GoodPrimatepaper - Instincts to Survive Before taking a...

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Instincts to Survive Before taking a physical anthropology class I never had a second thought about our common ancestry to other primates. But going to the San Francisco zoo and Happy Hollow observing the behavior and tendencies of lemurs and gorillas, was a visible reminder. Looking at the phenetic taxonomy of primates, one can see the huge gap between gorillas and lemurs. Lemurs are from the suborder prosimii and gorillas are from anthropoidea and from the same family as humans, the hominoidea (Park 148). Lemurs and gorillas exhibit very different behavioral patterns demonstrating the gorillas to be more social and human-like in comparison with the solitary, nocturnal, primitive lemurs. My observations highlight the fact that we share a more common ancestry with gorillas because they are in the same family as humans, which enables us to better understand human behavior. The hair of these tree-dwelling animals is long and coarse, usually dark brown or black. Baldness is common and more extensive in females. Males weigh from 126-176 pounds, while females weigh from 100-150 pounds. Their most common means of getting around is a four-footed walk with the hind legs slightly flexed, the body tipped forward and the backs of the fingers placed on the ground. Chimpanzees are capable of walking on their hind legs, but only with the toes turned inward. The first zoo I went to was Happy Hollow on November 23 at 4pm in San Jose. I first went to Happy Hollow and when I got there I realized there were only lemurs, so the next day I went to the San Francisco zoo. At Happy Hollow, I observed the Red Ruffed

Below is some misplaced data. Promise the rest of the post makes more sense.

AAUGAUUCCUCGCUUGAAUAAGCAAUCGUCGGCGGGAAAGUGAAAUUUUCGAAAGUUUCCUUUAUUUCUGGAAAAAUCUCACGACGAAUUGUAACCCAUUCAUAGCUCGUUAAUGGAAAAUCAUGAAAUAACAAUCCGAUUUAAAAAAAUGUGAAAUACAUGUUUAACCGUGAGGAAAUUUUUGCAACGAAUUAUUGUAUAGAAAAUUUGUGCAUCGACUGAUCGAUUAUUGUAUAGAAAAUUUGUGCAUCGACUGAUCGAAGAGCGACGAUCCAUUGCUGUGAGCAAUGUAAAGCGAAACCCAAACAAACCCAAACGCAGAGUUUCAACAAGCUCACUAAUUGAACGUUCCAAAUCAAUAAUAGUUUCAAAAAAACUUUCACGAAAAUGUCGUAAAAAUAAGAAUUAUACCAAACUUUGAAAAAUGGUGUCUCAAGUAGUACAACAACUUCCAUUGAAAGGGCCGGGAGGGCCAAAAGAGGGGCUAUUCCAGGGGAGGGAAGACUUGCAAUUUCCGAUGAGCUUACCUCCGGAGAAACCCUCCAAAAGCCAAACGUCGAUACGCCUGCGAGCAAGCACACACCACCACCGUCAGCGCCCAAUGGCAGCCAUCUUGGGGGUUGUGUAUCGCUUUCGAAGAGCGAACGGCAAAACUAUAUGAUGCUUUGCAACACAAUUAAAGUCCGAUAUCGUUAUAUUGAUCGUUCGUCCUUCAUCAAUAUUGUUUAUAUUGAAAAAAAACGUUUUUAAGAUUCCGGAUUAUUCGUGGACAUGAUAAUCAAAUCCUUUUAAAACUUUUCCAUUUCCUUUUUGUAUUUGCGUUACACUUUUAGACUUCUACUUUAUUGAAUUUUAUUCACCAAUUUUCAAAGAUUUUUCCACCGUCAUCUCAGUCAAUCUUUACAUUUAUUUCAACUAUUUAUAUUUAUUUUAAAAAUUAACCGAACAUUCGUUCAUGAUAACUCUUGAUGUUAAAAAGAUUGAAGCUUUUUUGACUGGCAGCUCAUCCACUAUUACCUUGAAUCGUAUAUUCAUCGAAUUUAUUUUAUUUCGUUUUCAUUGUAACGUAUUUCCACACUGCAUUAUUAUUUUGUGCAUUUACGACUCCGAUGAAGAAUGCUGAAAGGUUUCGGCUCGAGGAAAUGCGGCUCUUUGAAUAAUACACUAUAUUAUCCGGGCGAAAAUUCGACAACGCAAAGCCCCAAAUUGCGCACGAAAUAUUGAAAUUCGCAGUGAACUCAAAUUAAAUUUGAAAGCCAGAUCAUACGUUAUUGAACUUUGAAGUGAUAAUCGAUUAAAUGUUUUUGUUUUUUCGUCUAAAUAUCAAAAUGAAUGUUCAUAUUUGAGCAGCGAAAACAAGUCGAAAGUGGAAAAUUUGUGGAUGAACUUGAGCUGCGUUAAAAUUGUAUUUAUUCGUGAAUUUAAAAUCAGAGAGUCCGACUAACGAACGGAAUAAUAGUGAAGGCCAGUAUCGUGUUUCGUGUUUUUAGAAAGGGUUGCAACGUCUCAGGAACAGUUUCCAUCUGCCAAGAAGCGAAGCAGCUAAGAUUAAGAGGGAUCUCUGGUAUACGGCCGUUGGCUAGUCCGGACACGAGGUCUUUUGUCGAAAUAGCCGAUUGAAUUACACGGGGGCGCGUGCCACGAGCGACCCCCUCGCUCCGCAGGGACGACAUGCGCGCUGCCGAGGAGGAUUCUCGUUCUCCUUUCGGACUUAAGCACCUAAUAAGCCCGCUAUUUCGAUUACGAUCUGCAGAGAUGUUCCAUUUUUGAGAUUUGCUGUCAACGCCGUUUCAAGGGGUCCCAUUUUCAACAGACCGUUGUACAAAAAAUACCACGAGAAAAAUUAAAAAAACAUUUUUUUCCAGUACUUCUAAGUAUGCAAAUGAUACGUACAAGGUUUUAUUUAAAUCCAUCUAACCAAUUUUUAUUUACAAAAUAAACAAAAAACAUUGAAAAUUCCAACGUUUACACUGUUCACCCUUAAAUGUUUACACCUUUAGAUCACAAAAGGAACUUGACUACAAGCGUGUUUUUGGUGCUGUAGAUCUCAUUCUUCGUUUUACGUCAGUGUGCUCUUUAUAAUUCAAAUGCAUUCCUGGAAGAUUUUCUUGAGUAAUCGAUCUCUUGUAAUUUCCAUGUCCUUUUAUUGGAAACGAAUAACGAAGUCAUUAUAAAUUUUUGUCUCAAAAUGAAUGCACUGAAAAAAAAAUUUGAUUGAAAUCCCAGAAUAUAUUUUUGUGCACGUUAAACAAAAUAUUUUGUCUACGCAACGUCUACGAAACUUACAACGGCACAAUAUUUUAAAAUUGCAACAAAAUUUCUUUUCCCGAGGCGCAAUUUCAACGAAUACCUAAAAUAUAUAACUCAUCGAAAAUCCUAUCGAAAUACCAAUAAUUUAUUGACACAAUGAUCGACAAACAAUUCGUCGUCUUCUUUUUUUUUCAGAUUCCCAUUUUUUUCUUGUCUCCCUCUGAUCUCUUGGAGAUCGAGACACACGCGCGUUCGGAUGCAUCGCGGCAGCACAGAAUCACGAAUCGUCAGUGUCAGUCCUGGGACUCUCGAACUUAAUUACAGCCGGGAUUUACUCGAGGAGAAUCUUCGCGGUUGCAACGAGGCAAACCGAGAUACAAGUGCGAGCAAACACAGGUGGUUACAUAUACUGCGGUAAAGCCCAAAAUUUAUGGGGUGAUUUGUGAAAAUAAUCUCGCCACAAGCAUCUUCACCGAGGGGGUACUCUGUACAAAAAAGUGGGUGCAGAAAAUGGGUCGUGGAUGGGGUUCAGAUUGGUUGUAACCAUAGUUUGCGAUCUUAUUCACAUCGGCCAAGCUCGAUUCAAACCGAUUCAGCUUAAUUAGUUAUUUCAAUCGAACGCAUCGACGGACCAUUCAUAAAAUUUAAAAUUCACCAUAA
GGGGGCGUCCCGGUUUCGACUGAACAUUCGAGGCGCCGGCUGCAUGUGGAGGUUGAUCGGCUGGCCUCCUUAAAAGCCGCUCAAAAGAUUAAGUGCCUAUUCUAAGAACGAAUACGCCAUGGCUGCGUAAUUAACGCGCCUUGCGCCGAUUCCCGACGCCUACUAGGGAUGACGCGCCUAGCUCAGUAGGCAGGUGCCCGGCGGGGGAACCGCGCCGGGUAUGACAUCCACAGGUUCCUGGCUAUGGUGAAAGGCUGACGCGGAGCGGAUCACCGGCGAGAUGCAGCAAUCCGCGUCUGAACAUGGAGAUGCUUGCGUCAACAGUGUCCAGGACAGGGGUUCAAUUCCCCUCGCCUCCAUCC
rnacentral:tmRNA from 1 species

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Lemur ( Varecia Variegatus Rubra ). The majority of the time the lemur was climbing all around the cage and climbing on branches. He periodically ate this type of food that looked like pellets. He went to his fake “pond” and drank from it. He stared at me only a couple of times, spending most of the time climbing in the branches. He was in the cage with one other lemur. When he climbed on a particular branch he peed on it and the other lemur came and sniffed and licked his pee for about five minutes. The hallmark of my observation was when the lemur was sitting on a heat lamp and out of nowhere he looks
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This note was uploaded on 04/19/2011 for the course ANTH 215 taught by Professor Pietrusewsky,m during the Spring '08 term at University of Hawaii, Manoa.

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GoodPrimatepaper - Instincts to Survive Before taking a...

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